Lenalidomide Plus Rituximab Benefits Patients With Follicular Lymphoma

June 16, 2017

Lenalidomide plus rituximab induction therapy followed by maintenance appears to provide favorable activity and a tolerable safety profile in follicular lymphoma patients who are double-refractory or had early relapse after initial diagnosis.

Lenalidomide plus rituximab (R2) induction therapy followed by maintenance appears to provide favorable activity and a tolerable safety profile in follicular lymphoma patients who are double-refractory or had early relapse after initial diagnosis, according to new data from the MAGNIFY Trial.  

Investigators reported at the 2017 American Society of Clinical Oncology (ASCO) Annual Meeting, held June 2–6 in Chicago that the overall response rates were 45% or higher in those patients who were evaluable. The most common grade 3/4 grade adverse events were hematologic and mainly included neutropenia, leukopenia, thrombocytopenia, and lymphopenia. 

Follicular lymphoma patients, who progress within 24 months of initial diagnosis after treatment with immunotherapy or chemoimmunotherapy, are known to have poor outcomes. Patients refractory to rituximab and chemotherapy have limited treatment options and poor outcomes. R2 is active and well-tolerated in first-line and refractory follicular lymphoma patients.

The latest findings from this study were presented (abstract 7502) by study investigator David Jacob Andorsky, MD, who is with the Rocky Mountain Cancer Centers/US Oncology Research in Boulder, Colorado.

MAGNIFY is an ongoing phase IIIb, multicenter, open-label study of relapsed/refractory non-Hodgkin lymphoma (NHL) patients, including patients with grades 1–3b or transformed follicular lymphoma. In this trial, patients receive 12 cycles of R2 and patients with stable disease or better are randomized 1:1 to maintenance R2 or rituximab alone.

The primary endpoint is progression-free survival (PFS). For this current analysis, the team focused on double-refractory patients, who were refractory to both rituximab (as monotherapy or combination) and an alkylating agent. The researchers also looked specifically at the early relapse patients, who were defined as those patients who progressed or relapsed within 2 years of initial diagnosis.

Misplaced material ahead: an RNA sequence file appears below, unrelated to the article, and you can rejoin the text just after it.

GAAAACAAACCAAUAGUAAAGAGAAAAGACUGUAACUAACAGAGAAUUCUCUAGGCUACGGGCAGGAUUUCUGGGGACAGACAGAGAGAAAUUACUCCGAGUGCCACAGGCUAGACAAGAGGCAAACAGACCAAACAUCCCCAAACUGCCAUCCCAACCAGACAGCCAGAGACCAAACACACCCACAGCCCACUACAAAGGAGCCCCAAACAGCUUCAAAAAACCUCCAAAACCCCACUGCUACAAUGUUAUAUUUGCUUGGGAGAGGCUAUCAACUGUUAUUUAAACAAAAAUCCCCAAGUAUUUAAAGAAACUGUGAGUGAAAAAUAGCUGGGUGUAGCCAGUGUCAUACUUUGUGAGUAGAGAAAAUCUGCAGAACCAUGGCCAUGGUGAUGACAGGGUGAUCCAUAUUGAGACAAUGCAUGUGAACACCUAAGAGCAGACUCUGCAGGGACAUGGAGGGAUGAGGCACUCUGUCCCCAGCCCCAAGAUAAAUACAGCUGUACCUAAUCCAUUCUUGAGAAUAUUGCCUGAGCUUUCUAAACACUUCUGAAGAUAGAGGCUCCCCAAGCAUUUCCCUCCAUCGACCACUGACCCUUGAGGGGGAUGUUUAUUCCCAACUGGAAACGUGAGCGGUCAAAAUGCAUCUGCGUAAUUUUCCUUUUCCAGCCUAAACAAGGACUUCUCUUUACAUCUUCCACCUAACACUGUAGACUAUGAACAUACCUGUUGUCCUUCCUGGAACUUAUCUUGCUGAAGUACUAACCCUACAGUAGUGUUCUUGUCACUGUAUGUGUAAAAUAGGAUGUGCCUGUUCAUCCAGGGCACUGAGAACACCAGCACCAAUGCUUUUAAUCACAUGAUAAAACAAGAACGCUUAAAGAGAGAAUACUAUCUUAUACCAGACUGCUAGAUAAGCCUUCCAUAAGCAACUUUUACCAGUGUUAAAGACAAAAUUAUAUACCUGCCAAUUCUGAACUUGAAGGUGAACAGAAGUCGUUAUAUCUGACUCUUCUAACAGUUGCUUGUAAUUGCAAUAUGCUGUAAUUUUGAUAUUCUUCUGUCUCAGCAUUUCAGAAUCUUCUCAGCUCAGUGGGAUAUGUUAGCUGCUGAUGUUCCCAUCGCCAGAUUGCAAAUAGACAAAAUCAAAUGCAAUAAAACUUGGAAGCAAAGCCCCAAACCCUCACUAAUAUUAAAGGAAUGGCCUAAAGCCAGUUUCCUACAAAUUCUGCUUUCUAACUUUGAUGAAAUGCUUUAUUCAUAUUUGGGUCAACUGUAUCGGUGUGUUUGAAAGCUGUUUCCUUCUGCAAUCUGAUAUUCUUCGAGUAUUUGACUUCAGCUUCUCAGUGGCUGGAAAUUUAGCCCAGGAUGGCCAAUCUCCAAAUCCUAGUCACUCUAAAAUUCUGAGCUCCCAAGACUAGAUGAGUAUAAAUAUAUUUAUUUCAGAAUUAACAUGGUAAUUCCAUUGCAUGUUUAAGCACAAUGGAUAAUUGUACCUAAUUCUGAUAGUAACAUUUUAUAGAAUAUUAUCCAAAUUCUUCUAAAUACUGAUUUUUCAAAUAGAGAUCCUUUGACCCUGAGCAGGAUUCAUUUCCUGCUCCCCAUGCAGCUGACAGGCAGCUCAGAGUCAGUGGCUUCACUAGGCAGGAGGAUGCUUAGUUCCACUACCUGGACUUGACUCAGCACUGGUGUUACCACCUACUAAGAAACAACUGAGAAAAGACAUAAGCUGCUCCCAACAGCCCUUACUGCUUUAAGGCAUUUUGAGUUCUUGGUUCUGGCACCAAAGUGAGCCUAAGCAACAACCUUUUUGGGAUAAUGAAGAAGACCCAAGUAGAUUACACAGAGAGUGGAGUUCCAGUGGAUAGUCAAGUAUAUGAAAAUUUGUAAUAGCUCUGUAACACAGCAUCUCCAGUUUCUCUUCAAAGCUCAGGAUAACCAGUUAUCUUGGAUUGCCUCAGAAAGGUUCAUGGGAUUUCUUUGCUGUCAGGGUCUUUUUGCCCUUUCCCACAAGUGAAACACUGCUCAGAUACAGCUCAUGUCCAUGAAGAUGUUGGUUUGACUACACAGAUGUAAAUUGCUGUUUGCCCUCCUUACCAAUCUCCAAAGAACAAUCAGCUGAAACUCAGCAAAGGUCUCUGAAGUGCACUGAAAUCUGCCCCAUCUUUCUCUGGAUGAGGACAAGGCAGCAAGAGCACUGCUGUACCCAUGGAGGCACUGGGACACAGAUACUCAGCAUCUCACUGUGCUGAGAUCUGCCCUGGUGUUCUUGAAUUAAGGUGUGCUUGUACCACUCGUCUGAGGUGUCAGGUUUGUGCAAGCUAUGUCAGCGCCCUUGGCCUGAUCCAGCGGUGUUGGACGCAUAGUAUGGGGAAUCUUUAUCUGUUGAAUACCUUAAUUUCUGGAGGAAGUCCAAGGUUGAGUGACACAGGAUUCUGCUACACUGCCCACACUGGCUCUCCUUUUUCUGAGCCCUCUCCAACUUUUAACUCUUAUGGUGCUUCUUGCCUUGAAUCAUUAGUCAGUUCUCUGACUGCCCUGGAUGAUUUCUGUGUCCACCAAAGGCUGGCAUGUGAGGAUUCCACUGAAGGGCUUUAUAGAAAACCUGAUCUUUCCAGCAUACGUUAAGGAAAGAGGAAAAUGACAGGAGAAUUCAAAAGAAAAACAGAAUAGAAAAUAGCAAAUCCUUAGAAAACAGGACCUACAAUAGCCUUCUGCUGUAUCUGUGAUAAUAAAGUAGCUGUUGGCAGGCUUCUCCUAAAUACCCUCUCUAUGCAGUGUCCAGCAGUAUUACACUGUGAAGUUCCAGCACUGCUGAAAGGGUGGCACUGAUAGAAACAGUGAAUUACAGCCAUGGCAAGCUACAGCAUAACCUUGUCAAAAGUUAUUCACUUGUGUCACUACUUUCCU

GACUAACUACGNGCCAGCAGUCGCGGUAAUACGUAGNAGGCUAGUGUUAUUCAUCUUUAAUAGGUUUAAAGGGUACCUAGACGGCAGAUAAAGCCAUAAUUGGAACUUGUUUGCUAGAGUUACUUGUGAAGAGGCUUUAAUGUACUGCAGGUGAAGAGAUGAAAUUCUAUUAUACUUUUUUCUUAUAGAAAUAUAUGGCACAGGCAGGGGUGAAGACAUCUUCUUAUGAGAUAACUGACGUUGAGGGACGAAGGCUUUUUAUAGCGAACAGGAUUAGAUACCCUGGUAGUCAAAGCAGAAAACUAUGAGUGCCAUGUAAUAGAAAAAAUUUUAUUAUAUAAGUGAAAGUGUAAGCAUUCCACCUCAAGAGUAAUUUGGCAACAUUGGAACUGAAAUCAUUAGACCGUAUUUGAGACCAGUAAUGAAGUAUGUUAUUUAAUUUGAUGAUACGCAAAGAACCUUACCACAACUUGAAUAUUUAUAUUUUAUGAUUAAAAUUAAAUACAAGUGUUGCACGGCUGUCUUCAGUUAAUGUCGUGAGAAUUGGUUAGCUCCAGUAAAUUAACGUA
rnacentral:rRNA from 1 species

The researchers reported on 234 patients (160 follicular lymphoma patients, 52 early relapse patients, and 50 double-refractory patients). The median number of prior regimens was two (range: 0–9) for all patients. For the double-refractory subgroup the number of prior regimens was three (range: 1–8) and for the early relapse subgroup it was two (range: 1–5). Among the early relapse patients, 39 out of 52 had frontline rituximab/chemotherapy and 13 had rituximab (mono/other).

The researchers found that among the 160 follicular lymphoma patients, 70% experienced PFS at 1 year. The rate was 65% for double-refractory patients and 49% for early relapse patients. The 1-year PFS was similar in the subgroups of early relapse patients treated with first-line rituximab/chemotherapy and first-line non-rituximab therapy.

In terms of treatment emergent adverse events, the most common for double-refractory and early relapse patients were neutropenia (42% and 37%, respectively), leukopenia (8% and 10%), thrombocytopenia (8% and 4%), and lymphopenia (6% and 4%). Other grade 4 adverse events, included febrile neutropenia (4% and 4%), and thrombosis (2% and 0%).